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Beijing Foreign Studies University has set up a Zulu department

A Chinese University has set up a Zulu department officially promoting the language as a programme offered at undergraduate level thus strengthening ties between the two countries.



The Beijing Foreign Studies University is now offering Zulu as one of the programmes in their South East Asia and African studies and has launched the first Zulu-Chinese textbook and dictionary to contribute to the development of the South African language.

One of the lecturers appointed to teach it at the University, Mthuli Buthelezi said in a statement that, “The Zulu textbook is intended for the Chinese students who are learning Zulu as an additional language. The textbook can also be used by Zulu-speaking students who are learning Chinese.”

“The textbook comprises sections of grammar, vocabulary and sections on texts,” Buthelezi said, adding that the latter appeared in narrative and dialogue formats.

“The vocabulary section is a word list that shows the categorisation, the noun classes and the definition of words. The texts are written in a relatively ‘simpler language’ and they are a reflection of the grammar points of each unit of the textbook”.


Speaking on the importance of the dictionary Buthelezi said, “This dictionary can also be used by Zulu-speaking students who are learning Chinese. The dictionary is written in Zulu, English and Mandarin”.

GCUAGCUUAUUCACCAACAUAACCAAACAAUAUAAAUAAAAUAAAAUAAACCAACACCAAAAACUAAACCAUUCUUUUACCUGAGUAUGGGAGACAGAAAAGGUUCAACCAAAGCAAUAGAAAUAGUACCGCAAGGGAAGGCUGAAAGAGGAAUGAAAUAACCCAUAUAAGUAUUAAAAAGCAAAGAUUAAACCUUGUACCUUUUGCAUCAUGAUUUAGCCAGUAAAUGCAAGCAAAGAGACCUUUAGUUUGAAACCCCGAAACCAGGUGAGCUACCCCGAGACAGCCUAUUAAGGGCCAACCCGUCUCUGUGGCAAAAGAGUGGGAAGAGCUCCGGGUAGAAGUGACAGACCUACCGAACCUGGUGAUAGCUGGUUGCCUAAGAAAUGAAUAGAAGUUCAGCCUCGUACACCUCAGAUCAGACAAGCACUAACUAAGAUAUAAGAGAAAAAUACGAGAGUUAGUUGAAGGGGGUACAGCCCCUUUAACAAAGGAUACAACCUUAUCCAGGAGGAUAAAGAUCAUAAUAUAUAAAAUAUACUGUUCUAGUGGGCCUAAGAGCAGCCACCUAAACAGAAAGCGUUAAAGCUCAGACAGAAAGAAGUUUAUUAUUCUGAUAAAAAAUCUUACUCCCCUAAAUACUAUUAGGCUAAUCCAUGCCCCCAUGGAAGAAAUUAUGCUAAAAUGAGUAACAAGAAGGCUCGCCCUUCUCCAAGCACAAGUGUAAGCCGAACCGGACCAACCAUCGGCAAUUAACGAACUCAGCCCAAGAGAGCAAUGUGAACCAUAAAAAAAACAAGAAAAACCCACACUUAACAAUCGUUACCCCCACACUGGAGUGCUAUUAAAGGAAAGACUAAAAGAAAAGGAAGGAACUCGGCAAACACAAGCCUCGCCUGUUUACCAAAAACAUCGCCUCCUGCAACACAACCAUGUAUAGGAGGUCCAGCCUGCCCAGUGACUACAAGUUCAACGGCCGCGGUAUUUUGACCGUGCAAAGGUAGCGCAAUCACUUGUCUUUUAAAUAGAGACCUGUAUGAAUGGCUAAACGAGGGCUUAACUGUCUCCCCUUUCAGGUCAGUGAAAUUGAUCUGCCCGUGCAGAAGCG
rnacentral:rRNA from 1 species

“The Zulu words and their definitions appear with their direct Chinese translation equivalents. The dictionary is primarily characterised by the inclusion of modern Zulu words used in society, their language classification [verb, noun or adjective] and their meaning.

Read: China-Africa: A New Accord

“The development of Zulu in China is a watershed moment. This development is the preservation of the language and this also strengthens diplomatic relations,” he said.

“The communication and the exchange of language are the communication and exchange of both culture and education. The exchange of language will not only spawn the expansion of Zulu, but will also foster healthy relations between China and South Africa”.


Buthelezi, who has a Master’s degree in linguistics, joined the University a few months before the university introduced the programme.

“There has been a move to have indigenous languages at academic institutions. In 2014, the University of KwaZulu-Natal started a programme to compel all its students to have Zulu as one of their subjects before they graduate.

“What we are doing in China is a great progress in making Zulu an academic language. It is not just a colloquial language,” Buthelezi said.

He said ultimately, the university desired to teach all the indigenous languages spoken in SA. “They are starting with Zulu, because it is the most spoken among the indigenous languages,” he said.

He added that the difference with Zulu taught in China as opposed to other countries is that, “They teach the scientific aspect of Zulu. They teach about the morphology of the language. It is taught as a science. In China students are being taught the language so that they can speak the language.”